Business, Featured - Written by on Friday, September 24, 2010 17:23 - 8 Comments

Naumi Haque
Will Facebook be your CRM provider?

According to the Facebook blog (as of April 2010), the average Facebook user “Likes” nine pieces of content very month. With over half a billion users worldwide, that translates to more than 4.5 billion Likes per month and 54 billion Likes per year on everything from news articles, to jeans, to movies, and even real-live activities and events. Each of these Likes is tied to a real person for whom Facebook has detailed identity information. Although it hasn’t yet been monetized, this data and the analytics applied to it, could become the basis for Facebook’s core revenue model. On Facebook, you are the product.

For every Like that is made, Facebook is able to correspond a product affiliation to demographic information such as sex, age, geography, and education, as well as social graph data about relationships and influence within a group. With Places, Facebook can even correlate product activity to mobile location data. If mobile payments ever take off, they could get actual sales data as well.

Ad Age recently asked the very poignant question: What Happens When Facebook Trumps Your Brand Site? (alternate title for the article is: How Facebook Became the Biggest CRM Provider). The online article was accompanied by the following graphic showing the top ten brands on Facebook (in terms of total Likes):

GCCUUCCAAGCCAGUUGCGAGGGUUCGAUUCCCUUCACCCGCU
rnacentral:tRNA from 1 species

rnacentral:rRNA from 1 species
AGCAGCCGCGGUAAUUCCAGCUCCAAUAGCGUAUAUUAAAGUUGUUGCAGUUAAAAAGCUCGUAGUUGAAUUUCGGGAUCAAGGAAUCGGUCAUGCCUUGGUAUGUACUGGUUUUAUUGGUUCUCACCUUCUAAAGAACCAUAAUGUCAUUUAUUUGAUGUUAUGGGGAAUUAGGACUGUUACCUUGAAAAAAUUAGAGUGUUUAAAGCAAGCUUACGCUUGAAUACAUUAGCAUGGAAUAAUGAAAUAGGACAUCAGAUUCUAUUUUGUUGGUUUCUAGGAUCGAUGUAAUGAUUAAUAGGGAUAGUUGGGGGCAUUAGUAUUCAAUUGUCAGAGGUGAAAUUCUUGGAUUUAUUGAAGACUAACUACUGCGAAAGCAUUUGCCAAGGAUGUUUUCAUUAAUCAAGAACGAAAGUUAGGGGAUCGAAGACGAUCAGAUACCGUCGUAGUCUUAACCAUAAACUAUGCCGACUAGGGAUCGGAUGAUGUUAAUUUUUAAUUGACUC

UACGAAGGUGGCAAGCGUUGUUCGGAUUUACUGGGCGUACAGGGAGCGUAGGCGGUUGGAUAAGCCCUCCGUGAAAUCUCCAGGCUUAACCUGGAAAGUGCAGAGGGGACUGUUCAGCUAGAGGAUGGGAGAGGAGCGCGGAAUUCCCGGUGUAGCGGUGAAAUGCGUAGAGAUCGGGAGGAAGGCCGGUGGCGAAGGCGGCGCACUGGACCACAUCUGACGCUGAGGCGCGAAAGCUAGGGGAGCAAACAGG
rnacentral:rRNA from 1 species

Top brands are garnering millions of Likes, yet only driving a couple hundred thousand visitors per year to their branded sites. What this all means is that Facebook has better data about customers than most consumer products companies do. As Ad Age notes:

For many marketers, their Facebook fan bases have become their largest web presence, outstripping brand sites or e-mail programs either because a brand’s traditional web-based “owned media” is atrophying or because more consumers are migrating to social media.

While fan pages may work a lot like a marketer’s traditional “owned media,” they’re not actually owned by the marketers. Facebook hosts the pages and provides analytics for free, but growing marketer dependency on the network for CRM programs, combined with simultaneous declines in traffic for many of their own brand websites, could give Facebook a valuable revenue opportunity.